The 5' cap and 3' poly(A) tail of mRNA are known to synergistically regulate mRNA translation and stability. Recent computational and experimental studies revealed that both protein-coding and non-coding RNAs will fold with extensive intramolecular secondary structure, which will result in close distances between the sequence ends. This proximity of the ends is a sequence-independent, universal property of most RNAs. Only low-complexity sequences without guanosines are without secondary structure and exhibit end-to-end distances expected for RNA random coils. The innate proximity of RNA ends might have important biological implications that remain unexplored. In particular, the inherent compactness of mRNA might regulate translation initiation by facilitating the formation of protein complexes that bridge mRNA 5' and 3' ends. Additionally, the proximity of mRNA ends might mediate coupling of 3' deadenylation to 5' end mRNA decay. This article is categorized under: RNA Structure and Dynamics > RNA Structure, Dynamics, and Chemistry RNA Structure and Dynamics > Influence of RNA Structure in Biological Systems Translation > Translation Regulation.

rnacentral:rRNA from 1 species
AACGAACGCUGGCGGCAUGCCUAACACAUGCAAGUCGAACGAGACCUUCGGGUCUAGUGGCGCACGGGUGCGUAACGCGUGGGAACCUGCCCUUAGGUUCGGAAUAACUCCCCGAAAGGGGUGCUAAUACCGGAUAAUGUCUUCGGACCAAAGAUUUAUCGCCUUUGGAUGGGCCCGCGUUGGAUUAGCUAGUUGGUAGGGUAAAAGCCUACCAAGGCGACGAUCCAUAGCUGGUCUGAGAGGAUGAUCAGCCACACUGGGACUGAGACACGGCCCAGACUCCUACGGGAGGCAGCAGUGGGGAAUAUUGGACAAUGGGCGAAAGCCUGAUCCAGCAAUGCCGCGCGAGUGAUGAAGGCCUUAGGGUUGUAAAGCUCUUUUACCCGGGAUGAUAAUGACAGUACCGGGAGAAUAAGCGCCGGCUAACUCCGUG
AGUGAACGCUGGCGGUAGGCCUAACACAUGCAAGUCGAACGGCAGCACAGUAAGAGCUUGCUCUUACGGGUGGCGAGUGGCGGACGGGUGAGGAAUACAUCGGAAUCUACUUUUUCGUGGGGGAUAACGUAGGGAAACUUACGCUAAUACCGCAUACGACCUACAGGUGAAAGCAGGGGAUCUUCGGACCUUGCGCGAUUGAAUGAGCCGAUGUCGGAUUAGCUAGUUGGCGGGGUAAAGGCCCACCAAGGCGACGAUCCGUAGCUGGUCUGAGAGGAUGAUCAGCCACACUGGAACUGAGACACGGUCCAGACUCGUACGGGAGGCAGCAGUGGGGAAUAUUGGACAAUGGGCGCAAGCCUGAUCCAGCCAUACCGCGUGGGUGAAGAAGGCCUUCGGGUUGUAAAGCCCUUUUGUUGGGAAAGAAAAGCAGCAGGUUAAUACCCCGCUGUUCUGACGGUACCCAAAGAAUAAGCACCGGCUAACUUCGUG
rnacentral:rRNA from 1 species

Keywords: RNA secondary structure; end-to-end distance; translation regulation.
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